- It would feed itself on grass so would be very cheap
- In the winter it could live in the Mr’s shed – so it would have the added benefit of getting the shed cleared out
- It would mean I could find out what sheep nuts actually are
- We could take the sheep for days out to Kielder and it could play with lots of other sheep
- People would visit and make a fuss of the sheep so it would become a talking point
Thinking about it, maybe I need two?
I finished my spinning! So last time I wrote about this I had spun one ball and knit up half a pattern. I had done this because
- I was too excited to wait
- I really really really wanted to prove it was real wool and not pretend wool
- Lots of people who spin, spin what they need as they go
- I was scared it might turn back into fluff if it wasn’t quickly marshalled into a knitted item
- I was too excited to wait
But I only had enough to do half of the collar and it looked like this
Inspired to dash on, I then got straight back on with the spinning! I was a little bit quicker this time and a little more careful. If I got a big blobby bit of wool then I would go back, tease it apart and re-spin it all tidily. I was quite chuffed with my attention to detail. I seem to have got through a lot of fluff very quickly with this project – I guess because I am making quite thick wool due to inexperience. I also think that there must be something that you need to do to make thinner wool – if I let the thread get too thin then the weight of the spindle (and the already spun wool) makes it snap. So I think I have a chunky wool spindle.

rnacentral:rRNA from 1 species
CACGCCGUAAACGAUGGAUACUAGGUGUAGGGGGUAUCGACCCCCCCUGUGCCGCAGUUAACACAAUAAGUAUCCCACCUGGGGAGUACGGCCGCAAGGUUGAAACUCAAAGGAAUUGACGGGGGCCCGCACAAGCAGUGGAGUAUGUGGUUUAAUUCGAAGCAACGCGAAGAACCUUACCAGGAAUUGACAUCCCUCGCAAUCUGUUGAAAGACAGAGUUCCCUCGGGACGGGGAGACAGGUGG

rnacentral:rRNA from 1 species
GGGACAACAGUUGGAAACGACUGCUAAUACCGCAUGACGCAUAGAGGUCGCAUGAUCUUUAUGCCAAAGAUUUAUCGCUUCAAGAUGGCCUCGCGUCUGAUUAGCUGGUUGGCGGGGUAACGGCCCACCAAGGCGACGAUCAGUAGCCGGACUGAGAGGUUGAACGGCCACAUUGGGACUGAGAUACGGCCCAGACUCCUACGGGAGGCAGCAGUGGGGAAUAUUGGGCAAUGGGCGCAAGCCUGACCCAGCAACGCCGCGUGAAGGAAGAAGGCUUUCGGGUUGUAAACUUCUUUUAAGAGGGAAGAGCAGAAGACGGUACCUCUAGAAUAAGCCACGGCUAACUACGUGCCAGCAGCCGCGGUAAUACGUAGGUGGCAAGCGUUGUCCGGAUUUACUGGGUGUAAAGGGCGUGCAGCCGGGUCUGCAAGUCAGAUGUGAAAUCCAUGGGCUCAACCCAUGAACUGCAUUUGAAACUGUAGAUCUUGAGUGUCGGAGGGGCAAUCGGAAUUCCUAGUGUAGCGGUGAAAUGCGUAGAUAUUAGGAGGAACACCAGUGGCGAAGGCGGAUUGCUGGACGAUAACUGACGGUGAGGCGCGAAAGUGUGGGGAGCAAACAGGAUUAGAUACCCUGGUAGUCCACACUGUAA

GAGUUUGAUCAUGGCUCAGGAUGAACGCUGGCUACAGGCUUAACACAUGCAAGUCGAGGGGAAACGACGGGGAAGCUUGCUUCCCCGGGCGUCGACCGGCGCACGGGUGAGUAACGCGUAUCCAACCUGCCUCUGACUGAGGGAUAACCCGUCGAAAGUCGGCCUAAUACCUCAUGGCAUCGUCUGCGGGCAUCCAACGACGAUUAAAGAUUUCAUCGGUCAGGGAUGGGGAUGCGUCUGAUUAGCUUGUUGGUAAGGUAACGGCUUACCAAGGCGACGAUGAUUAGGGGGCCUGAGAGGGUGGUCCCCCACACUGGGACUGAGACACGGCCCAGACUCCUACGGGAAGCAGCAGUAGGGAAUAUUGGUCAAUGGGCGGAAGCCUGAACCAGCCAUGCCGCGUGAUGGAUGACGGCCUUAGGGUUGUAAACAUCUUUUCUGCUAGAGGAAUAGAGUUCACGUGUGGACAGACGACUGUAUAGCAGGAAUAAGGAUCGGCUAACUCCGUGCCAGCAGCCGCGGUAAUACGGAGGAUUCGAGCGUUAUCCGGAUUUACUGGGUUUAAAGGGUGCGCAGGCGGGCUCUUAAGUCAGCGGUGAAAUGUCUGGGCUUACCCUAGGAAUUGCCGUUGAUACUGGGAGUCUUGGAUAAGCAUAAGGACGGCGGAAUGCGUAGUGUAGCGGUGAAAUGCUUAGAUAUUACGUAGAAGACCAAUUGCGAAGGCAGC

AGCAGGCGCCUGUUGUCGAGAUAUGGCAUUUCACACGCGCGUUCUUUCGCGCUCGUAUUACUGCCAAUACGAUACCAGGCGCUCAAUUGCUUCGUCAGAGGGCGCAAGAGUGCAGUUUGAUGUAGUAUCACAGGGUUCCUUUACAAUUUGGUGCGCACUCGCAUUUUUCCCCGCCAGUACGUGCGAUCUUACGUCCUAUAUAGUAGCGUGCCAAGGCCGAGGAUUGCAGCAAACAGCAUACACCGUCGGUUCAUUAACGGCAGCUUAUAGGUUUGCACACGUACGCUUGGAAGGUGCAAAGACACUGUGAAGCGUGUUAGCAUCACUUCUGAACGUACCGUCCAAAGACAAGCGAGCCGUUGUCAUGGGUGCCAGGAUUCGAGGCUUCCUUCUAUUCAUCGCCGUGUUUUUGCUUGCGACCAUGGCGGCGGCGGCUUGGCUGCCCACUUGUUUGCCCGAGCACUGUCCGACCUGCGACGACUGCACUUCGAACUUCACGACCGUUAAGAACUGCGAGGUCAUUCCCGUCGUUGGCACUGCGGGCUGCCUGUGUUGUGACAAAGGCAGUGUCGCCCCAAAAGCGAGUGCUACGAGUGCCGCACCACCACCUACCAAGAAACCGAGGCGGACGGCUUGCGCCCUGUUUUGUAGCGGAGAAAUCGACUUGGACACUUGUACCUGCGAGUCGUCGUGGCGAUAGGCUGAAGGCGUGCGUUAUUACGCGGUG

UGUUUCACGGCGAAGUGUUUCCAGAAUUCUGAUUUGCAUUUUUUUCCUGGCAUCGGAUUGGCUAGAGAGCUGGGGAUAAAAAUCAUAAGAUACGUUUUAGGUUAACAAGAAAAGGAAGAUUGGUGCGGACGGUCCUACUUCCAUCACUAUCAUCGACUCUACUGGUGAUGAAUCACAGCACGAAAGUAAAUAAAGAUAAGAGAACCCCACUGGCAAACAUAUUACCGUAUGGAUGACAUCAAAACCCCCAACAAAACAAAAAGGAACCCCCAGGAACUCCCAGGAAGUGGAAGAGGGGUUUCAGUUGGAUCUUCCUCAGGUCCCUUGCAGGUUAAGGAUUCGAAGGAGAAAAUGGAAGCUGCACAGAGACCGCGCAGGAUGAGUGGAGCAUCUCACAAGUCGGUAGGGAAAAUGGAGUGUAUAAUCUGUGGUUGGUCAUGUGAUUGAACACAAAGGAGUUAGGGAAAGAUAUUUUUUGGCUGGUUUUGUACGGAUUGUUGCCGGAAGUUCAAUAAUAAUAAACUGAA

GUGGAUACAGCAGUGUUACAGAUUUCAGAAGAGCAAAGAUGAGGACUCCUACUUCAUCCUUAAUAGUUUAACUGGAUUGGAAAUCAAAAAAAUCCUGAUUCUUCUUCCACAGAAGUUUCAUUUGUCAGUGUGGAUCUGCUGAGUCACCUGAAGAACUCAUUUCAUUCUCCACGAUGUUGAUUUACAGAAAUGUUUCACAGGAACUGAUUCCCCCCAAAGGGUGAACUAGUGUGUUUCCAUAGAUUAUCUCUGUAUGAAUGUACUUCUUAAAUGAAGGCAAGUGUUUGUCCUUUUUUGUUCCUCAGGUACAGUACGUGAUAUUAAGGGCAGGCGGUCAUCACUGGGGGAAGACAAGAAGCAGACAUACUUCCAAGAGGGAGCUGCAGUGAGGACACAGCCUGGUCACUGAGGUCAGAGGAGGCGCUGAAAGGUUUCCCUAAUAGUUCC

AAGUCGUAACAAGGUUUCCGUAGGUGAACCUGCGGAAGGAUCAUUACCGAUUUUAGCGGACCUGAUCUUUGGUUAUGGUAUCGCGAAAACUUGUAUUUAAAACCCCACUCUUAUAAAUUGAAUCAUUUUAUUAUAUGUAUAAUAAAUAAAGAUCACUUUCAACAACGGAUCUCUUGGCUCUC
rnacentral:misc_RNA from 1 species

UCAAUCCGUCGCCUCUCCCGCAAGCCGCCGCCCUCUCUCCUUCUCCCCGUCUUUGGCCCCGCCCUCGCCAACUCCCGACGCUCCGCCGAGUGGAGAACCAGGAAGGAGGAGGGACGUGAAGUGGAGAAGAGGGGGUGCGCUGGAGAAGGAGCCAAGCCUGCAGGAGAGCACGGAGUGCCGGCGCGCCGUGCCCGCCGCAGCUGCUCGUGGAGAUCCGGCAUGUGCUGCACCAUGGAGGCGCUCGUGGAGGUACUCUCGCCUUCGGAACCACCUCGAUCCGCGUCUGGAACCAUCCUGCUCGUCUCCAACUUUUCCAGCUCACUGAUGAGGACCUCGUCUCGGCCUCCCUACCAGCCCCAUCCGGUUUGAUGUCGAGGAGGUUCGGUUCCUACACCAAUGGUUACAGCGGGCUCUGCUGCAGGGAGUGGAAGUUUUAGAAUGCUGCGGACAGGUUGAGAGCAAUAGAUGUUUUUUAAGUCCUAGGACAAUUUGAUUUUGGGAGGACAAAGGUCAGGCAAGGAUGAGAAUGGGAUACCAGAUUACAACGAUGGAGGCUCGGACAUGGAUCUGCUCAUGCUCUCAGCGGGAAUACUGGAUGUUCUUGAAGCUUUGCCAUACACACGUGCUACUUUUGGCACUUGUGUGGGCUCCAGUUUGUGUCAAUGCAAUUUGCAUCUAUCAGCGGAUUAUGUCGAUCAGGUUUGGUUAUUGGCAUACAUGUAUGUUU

It took me another three days to repeat the process, but my spinning was definitely better – more even and finer looking. I don’t know if you can see it on the photos.
And two hours later I had finished the knitting. There are lots of bonus’s here. For six days making wool I reckon I got three hours knitting (if that). Based on this calculation I am never going to be able to keep up with enough spinning to fulfil the knitting side of things. Therefore I am still going to have to buy wool too – yay!
So what does my finished item look like?
I added extra buttons because they are super lovely buttons… and I put the first one in the wrong place. It’s a lovely pattern, and I definitely think it suits the homespun nature of this wool – it’s also really easy to knit – I am contemplating dashing out 27,000 of them for Christmas presents. Pattern is HERE.
So this only leaves me with one problem. The wool looks different! The first lot is less ‘spun’ than the first lot, and the second lot is definitely got more definition about it – I suspect I would have got different wpi if I had actually checked (of course I didn’t check – who do you think I am!).
So I am now doing that thing where people compliment me on it and I say – ‘oh thank you! I spun the wool myself! But what you can see is that I did it in two lots and I think I got better as I went on and if you look where these two ends overlap you can really see that there is a big difference in the wool I ended up with so it doesn’t quite match….’.
Please shoot me. And pass me some more fluff – it won’t spin itself you know.
Filed under: the Captains Cabin | Tags: bonfire, event, fireworks, Spanish City, Whitley Bay
Today is the day that here in England we celebrate the foiling of the Gunpowder Plot. We do this by burning effigies, letting off fireworks and eating bonfire toffee. I’ll let you draw your own conclusions on that one.